As a high-achiever I’ve always been used to things coming pretty easily to me. Not having to practise very much, or having to ask for much help. If I apply my brain I can generally work things out, and more than that, be pretty good at it pretty fast. Even writing this, there’s a part of me thinking “wow, that’s arrogant, don’t say that” but the simple fact is it’s true. I’m almost certain it is also true for a lot of my clients, whether they would admit it or not!

The challenge is that when that is the norm, we expect to be able to work things out for ourselves. To the point where it is a matter of pride not to ask for support. If I’m honest with myself, I hate having to ask for help. I find it shameful. I’d much rather work it out myself and turn up with everything handled and wrapped in a beautiful bow. No messiness or not quite right or nearly there. No need to admit that I don’t know how.

But what happens when I don’t know how to do things? That’s when it starts to get a little sticky. In past experiences in my previous jobs I would firstly hide or avoid; “I haven’t quite got to that yet”. Then perhaps I would bend the truth; “I’m working on it, it’s not quite there yet”. Eventually if someone kept asking I would actually outright lie, to myself and others “it’s on track, not quite finished but I’m good, I have what I need”. My experience with my clients tells me some or all of this is likely true for you too.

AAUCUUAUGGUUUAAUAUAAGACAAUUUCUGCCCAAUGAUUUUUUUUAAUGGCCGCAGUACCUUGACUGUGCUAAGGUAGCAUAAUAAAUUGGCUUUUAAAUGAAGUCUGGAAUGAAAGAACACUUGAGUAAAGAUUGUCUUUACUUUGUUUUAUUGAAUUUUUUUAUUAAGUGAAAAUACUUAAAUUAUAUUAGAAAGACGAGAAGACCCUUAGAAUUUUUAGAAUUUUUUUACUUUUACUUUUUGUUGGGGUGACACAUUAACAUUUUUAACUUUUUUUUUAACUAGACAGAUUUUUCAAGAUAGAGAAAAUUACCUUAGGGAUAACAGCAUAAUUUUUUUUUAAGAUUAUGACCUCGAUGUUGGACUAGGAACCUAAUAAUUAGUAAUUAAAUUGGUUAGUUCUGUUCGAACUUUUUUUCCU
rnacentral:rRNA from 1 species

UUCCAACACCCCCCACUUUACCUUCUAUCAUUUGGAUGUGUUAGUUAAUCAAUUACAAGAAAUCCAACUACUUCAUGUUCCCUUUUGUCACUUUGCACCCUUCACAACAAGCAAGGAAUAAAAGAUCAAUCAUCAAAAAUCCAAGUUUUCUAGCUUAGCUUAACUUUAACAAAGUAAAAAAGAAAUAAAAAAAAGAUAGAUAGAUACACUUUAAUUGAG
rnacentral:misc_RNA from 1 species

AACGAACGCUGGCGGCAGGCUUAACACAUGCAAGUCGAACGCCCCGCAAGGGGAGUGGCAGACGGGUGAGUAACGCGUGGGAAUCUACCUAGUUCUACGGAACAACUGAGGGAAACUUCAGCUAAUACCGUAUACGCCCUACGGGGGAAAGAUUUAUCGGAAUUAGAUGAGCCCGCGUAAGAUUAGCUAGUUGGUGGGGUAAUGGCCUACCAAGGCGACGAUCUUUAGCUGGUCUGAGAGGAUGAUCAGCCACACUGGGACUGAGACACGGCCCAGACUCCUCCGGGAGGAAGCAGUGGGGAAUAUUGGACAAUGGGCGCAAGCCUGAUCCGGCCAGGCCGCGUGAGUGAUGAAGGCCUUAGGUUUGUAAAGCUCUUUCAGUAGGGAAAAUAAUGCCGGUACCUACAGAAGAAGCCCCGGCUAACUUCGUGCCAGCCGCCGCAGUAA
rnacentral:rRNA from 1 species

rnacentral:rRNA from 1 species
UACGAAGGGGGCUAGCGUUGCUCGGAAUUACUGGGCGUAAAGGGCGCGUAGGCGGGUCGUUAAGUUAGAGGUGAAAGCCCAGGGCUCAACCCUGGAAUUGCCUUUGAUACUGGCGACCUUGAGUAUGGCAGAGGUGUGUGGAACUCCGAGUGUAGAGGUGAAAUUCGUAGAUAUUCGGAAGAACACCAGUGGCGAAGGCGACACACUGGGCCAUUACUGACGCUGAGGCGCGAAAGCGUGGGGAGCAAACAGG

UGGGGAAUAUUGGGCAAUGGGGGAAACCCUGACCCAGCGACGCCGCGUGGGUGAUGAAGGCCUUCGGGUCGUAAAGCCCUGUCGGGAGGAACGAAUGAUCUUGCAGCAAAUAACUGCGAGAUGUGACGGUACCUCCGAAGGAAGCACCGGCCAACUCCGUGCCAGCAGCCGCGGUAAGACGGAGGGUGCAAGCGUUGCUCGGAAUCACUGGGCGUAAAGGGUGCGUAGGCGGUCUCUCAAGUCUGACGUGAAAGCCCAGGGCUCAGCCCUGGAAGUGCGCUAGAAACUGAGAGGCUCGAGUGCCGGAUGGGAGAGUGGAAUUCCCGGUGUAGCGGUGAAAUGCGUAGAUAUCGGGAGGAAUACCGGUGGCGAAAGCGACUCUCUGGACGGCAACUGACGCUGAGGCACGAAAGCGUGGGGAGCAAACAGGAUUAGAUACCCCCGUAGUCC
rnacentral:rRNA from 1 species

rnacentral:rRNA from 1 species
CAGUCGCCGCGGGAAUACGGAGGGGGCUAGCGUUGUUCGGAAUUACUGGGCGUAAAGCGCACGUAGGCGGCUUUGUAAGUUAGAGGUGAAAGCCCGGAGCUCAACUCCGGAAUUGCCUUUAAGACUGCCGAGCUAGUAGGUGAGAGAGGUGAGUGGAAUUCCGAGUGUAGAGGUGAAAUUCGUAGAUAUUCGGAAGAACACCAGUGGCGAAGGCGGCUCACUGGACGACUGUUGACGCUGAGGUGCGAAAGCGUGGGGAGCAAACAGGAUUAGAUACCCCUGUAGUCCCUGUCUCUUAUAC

But why? Because the shame of admitting we don’t know how can be overwhelming. Because in our heads we should be able to do this, it shouldn’t be this hard. We shouldn’t need to ask for help. And worse, what will people think of us if we admit we don’t know how, we don’t have that expertise, that thing we said was fine…..definitely wasn’t.

The hiding becomes a trap. Once we start it becomes harder and harder to go back. We just have to work harder, try harder – and stress more – until we figure it out. Or not.

Because here’s the thing. Until we can be totally honest with ourselves and others about what we are struggling with, we make it impossible to get any help or support. And to be honest with ourselves takes allowing us to be human rather than perfect. It takes a different relationship to help and support – not a sign of weakness but access to something more.

Support isn’t a dirty word. It can be uncomfortable to ask for, unsettling or even shameful to admit we don’t have it all figured out. But it is the only way we get to grow. That’s the choice we make – be honest, be human, allow support, grow and learn. Or stay stuck. What do you say?

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